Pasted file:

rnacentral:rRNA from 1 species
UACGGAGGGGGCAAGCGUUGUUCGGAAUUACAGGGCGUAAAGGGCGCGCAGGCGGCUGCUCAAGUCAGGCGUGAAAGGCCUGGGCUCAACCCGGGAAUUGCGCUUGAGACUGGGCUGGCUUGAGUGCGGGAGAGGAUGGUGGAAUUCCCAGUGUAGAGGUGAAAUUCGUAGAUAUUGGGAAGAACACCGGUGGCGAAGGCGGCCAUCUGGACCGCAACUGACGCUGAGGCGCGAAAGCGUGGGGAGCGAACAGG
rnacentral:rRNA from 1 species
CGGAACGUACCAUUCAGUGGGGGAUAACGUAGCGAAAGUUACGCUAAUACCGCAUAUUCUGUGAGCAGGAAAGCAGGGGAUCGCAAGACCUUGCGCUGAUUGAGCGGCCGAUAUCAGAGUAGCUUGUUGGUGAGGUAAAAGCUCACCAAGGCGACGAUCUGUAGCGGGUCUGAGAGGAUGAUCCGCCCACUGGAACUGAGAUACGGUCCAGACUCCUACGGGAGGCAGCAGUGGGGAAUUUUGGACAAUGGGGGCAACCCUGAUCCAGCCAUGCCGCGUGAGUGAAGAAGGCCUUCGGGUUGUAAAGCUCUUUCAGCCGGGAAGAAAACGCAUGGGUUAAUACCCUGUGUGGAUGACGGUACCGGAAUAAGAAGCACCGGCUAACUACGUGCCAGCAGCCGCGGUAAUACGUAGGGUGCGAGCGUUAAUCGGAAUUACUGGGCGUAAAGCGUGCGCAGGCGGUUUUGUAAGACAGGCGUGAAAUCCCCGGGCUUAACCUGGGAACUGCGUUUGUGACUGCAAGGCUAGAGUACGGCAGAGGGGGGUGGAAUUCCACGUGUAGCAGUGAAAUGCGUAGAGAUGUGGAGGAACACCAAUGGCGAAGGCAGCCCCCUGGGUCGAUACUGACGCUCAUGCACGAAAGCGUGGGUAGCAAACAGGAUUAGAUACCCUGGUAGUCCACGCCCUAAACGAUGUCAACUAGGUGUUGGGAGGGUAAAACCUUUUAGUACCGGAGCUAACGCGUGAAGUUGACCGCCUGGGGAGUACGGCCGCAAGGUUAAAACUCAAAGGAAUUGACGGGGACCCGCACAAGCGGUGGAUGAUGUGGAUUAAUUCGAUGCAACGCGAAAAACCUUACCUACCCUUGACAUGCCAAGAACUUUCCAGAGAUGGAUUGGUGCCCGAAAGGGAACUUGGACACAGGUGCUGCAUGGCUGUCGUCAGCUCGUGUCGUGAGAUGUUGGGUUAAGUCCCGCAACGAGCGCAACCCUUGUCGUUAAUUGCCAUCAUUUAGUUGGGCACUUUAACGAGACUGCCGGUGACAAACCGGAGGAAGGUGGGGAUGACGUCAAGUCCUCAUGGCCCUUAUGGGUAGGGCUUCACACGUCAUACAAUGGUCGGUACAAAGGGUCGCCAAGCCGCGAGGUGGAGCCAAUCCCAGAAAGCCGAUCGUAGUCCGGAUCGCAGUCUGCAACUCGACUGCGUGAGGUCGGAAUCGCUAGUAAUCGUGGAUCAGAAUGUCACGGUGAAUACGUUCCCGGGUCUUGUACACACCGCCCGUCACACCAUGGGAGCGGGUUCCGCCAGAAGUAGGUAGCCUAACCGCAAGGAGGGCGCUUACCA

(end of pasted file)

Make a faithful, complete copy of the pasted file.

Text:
rnacentral:rRNA from 1 species
UACGGAGGGGGCAAGCGUUGUUCGGAAUUACAGGGCGUAAAGGGCGCGCAGGCGGCUGCUCAAGUCAGGCGUGAAAGGCCUGGGCUCAACCCGGGAAUUGCGCUUGAGACUGGGCUGGCUUGAGUGCGGGAGAGGAUGGUGGAAUUCCCAGUGUAGAGGUGAAAUUCGUAGAUAUUGGGAAGAACACCGGUGGCGAAGGCGGCCAUCUGGACCGCAACUGACGCUGAGGCGCGAAAGCGUGGGGAGCGAACAGG
rnacentral:rRNA from 1 species
CGGAACGUACCAUUCAGUGGGGGAUAACGUAGCGAAAGUUACGCUAAUACCGCAUAUUCUGUGAGCAGGAAAGCAGGGGAUCGCAAGACCUUGCGCUGAUUGAGCGGCCGAUAUCAGAGUAGCUUGUUGGUGAGGUAAAAGCUCACCAAGGCGACGAUCUGUAGCGGGUCUGAGAGGAUGAUCCGCCCACUGGAACUGAGAUACGGUCCAGACUCCUACGGGAGGCAGCAGUGGGGAAUUUUGGACAAUGGGGGCAACCCUGAUCCAGCCAUGCCGCGUGAGUGAAGAAGGCCUUCGGGUUGUAAAGCUCUUUCAGCCGGGAAGAAAACGCAUGGGUUAAUACCCUGUGUGGAUGACGGUACCGGAAUAAGAAGCACCGGCUAACUACGUGCCAGCAGCCGCGGUAAUACGUAGGGUGCGAGCGUUAAUCGGAAUUACUGGGCGUAAAGCGUGCGCAGGCGGUUUUGUAAGACAGGCGUGAAAUCCCCGGGCUUAACCUGGGAACUGCGUUUGUGACUGCAAGGCUAGAGUACGGCAGAGGGGGGUGGAAUUCCACGUGUAGCAGUGAAAUGCGUAGAGAUGUGGAGGAACACCAAUGGCGAAGGCAGCCCCCUGGGUCGAUACUGACGCUCAUGCACGAAAGCGUGGGUAGCAAACAGGAUUAGAUACCCUGGUAGUCCACGCCCUAAACGAUGUCAACUAGGUGUUGGGAGGGUAAAACCUUUUAGUACCGGAGCUAACGCGUGAAGUUGACCGCCUGGGGAGUACGGCCGCAAGGUUAAAACUCAAAGGAAUUGACGGGGACCCGCACAAGCGGUGGAUGAUGUGGAUUAAUUCGAUGCAACGCGAAAAACCUUACCUACCCUUGACAUGCCAAGAACUUUCCAGAGAUGGAUUGGUGCCCGAAAGGGAACUUGGACACAGGUGCUGCAUGGCUGUCGUCAGCUCGUGUCGUGAGAUGUUGGGUUAAGUCCCGCAACGAGCGCAACCCUUGUCGUUAAUUGCCAUCAUUUAGUUGGGCACUUUAACGAGACUGCCGGUGACAAACCGGAGGAAGGUGGGGAUGACGUCAAGUCCUCAUGGCCCUUAUGGGUAGGGCUUCACACGUCAUACAAUGGUCGGUACAAAGGGUCGCCAAGCCGCGAGGUGGAGCCAAUCCCAGAAAGCCGAUCGUAGUCCGGAUCGCAGUCUGCAACUCGACUGCGUGAGGUCGGAAUCGCUAGUAAUCGUGGAUCAGAAUGUCACGGUGAAUACGUUCCCGGGUCUUGUACACACCGCCCGUCACACCAUGGGAGCGGGUUCCGCCAGAAGUAGGUAGCCUAACCGCAAGGAGGGCGCUUACCA